How Fifty Shades of Grey Got BDSM Relationships Wrong

The insanity has started, and it’s all I can do to not hide my head is disgust. Fifty Shades of Grey has been officially made into a feature length motion picture, set to be released on Valentines Day. Joy of joys. The novel has become well known for its portrayal of a BDSM relationship; however, it is a severe misrepresentation of one.” The relationship in the novel perpetuates the trope that a woman is a doormat to be walked over by the man in her life — that this is where women should be — and reinforces to men that it’s their inherent right to do the things that Grey does. This is abuse, not kink or BDSM, but abuse, plain and simple. The added “BDSM” overlay only makes things so much worse.  These novels, and now this movie will throw the BDSM community as a whole further back into the closet than where we were previously. As someone who lives within the lifestyle, I am far from pleased.

I am a strong-willed, stubborn woman. I am Dominant in everything that I do, and I must control everything that I personally do in my life. By this description, one would assume that within the BDSM world, I would be Dominant. I am not. I am a submissive/Dominant Switch, which in layman’s terms means that with the right Dominant I am submissive, but when I find the right submissive, I can be Dominant. Primarily though, I am submissive, so I will speak from my experiences as a submissive. To be respectful to everyone, I will attempt to keep to neutral pronouns, save for specific examples from my life.

A BDSM dynamic can vary greatly.  If you put together a group of kinky people in a room, I can almost guarantee that, while some dynamics will be similar, they will not be the same. There are those who live in their dynamic 24/7, while others prefer to keep things in the bedroom or at events or conventions. Paired with a healthy relationship, any and all of these dynamics are good. Generally, my submission is fluid. For example, I could be making a meal for myself and my Dominant, having a normal conversation with jokes and banter. However, when it comes to bringing them their portion of the meal, instead of simply placing it in front of them, I would kneel and offer the plate to Them. Or perhaps while socializing at home in mixed company, instead of sitting next to Them, I could sit at Their feet with my head or hands resting on their knee. Other moments, I am in a fully submissive mindset for the entire day: speaking to my Dom via texts or instant messages with a highly submissive tone which carries over at home (if I am living with a Dom) and is  expressed in similar ways to what I’ve already described. These dynamic variations of submission are what work for me and the Dominants that I have/have been with. It by NO means invalidates those who have a different dynamic; everyone lives their life differently.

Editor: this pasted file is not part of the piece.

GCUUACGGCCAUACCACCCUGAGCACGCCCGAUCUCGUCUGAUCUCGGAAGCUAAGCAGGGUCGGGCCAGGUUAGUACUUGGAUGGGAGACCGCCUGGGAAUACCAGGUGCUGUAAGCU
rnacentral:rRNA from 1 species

There are two core principles to the BDSM lifestyle that the Fifty Shades series doesn’t even attempt to explain: SSC, also known as “Safe, Sane, Consensual” and RACK, which is “Risk Aware Consensual Kink.” Both terms are very commonplace within the community, though RACK is geared more towards the sorts of fetish/kink that are not classed as “sane.” Examples of both will be discussed shortly. Any “kinky” act is not without some sort of risk to one’s personal safety, which is why there are several ways for a situation to be modified to each person’s comfort level. In an ideal BDSM situation — be it with a long-term Dom or a friend at a party — those involved generally discuss the who, what, when, where, and how. Some examples of kinky acts that can be put under the SSC umbrella could be as simple as sensual play with a feather or fur glove, or spankings. RACK is on the more extreme side, like violet wands, floggings, rape play (also known as consensual non-consent, which is very controversial within BDSM communities) or breath play. These and many more are classified as RACK kinks because there is a lot of risk for physical, mental, and emotional injury. This  is why I and many other stress that if one wants to explore their kinks, learn how to properly use the tools you want to try from someone who knows how. Do NOT use crap movies or books (like Fifty Shades of Grey) to act as your guide on to how to flog or spank someone. There have already been news stories of women being raped and killed because of “sex games” inspired by Fifty Shades.

The length of the negotiations can vary depending on the situation, for example: a submissive is at a fetish party with their friends, all of whom are Dominant. This submissive can go to each Dominant in turn and say that they are the ONLY ones they would allow to scene with them that night and use whatever tools they had brought with them to the party. These tools can be leather floggers, riding crops, paddles, or whatever tool they may have. Quick, easy, and painless right? This example comes from knowing the Dominants for a length of time and experiencing multiple scenes with them, either publicly at a party, privately, or both. However, when it comes to a new Dominant and submissive getting together for the first time, it is not that quick.